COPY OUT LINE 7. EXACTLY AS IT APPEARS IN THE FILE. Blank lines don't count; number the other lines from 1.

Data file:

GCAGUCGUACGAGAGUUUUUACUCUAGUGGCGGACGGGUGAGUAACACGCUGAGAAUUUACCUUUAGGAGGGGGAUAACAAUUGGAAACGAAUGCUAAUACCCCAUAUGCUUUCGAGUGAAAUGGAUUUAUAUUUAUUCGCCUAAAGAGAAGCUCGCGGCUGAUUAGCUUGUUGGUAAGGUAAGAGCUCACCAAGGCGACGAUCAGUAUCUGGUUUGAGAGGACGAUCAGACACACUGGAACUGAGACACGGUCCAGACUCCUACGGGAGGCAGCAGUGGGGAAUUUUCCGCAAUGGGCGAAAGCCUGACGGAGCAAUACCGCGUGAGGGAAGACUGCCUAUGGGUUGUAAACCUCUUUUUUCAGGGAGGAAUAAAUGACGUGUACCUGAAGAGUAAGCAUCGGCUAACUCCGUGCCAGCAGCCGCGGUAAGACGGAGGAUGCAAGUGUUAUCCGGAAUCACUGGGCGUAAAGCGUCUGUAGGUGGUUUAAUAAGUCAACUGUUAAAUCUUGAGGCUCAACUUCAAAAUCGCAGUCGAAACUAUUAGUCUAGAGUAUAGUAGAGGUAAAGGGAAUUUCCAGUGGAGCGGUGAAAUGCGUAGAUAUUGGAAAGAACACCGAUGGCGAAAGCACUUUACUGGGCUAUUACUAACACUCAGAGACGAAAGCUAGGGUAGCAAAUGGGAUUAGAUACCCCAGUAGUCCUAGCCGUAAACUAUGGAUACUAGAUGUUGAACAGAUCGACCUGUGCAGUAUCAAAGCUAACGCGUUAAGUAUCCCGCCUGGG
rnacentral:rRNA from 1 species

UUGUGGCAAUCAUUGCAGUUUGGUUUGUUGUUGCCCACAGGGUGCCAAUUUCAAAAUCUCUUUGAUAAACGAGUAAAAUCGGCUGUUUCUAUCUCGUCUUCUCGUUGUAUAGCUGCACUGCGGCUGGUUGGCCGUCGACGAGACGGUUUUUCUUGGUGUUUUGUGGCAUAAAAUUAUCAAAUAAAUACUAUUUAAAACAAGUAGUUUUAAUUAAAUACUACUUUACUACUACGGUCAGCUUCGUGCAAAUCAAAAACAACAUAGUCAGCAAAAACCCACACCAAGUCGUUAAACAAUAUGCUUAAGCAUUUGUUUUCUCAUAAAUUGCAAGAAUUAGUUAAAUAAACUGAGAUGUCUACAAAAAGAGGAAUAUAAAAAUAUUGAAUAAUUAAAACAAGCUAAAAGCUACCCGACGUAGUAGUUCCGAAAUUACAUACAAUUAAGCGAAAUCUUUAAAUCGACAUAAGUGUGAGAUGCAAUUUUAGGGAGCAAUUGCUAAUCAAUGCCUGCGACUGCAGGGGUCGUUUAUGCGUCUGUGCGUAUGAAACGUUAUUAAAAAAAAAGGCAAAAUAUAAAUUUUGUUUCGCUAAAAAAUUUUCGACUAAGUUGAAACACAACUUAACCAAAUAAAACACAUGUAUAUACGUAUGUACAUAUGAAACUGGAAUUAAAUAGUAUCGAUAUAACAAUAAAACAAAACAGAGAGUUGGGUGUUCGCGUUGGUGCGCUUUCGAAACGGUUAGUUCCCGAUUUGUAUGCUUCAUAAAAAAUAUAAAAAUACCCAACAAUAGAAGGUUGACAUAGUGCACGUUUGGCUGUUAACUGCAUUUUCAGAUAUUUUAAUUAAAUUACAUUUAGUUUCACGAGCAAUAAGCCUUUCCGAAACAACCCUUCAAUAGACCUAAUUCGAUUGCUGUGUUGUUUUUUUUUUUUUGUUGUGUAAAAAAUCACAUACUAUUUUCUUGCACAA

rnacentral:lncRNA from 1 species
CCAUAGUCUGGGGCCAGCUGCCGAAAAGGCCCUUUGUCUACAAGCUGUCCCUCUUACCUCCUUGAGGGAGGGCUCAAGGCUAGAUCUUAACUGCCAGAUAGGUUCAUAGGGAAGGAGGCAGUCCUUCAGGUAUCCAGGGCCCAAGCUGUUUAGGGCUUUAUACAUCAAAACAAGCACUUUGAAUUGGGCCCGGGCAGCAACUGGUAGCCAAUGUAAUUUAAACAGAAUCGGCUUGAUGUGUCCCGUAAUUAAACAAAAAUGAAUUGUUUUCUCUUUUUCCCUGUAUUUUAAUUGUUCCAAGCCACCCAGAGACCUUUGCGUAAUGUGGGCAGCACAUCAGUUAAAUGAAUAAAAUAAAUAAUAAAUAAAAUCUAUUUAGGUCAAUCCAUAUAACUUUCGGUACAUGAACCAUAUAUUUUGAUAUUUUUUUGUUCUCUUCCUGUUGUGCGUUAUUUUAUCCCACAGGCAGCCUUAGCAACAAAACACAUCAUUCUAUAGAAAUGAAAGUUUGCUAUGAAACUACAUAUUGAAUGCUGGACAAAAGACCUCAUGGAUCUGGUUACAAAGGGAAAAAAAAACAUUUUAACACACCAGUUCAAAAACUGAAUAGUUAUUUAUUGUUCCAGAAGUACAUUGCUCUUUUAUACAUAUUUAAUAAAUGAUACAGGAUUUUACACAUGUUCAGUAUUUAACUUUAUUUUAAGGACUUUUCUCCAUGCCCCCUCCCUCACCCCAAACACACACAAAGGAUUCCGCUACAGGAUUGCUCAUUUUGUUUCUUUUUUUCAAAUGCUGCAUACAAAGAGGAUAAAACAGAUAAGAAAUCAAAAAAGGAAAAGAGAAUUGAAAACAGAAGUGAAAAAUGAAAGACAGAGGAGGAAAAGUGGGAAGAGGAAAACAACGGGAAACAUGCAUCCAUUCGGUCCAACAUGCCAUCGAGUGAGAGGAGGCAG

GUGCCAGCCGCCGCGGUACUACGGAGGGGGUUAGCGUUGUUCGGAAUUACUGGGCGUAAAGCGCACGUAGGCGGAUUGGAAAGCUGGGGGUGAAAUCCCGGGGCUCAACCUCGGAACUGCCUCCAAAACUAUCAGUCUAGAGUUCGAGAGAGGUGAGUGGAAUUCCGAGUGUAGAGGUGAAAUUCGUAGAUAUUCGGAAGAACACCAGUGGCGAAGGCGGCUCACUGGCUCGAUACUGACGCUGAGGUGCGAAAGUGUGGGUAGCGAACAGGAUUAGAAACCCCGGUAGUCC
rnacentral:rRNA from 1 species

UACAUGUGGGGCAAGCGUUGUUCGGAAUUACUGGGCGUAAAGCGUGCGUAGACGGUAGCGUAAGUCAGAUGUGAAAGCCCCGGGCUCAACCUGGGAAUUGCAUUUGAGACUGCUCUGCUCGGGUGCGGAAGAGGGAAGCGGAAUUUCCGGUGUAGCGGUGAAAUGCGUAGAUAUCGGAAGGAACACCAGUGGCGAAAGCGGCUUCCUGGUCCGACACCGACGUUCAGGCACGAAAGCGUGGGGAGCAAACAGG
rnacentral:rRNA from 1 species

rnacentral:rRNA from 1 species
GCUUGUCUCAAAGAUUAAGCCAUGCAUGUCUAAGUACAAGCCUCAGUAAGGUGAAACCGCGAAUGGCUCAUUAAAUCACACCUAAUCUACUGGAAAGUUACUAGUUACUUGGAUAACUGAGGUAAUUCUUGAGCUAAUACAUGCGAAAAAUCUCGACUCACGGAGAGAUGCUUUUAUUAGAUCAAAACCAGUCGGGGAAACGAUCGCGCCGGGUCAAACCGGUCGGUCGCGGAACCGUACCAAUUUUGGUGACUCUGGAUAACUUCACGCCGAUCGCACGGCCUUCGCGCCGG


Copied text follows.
rnacentral:rRNA from 1 species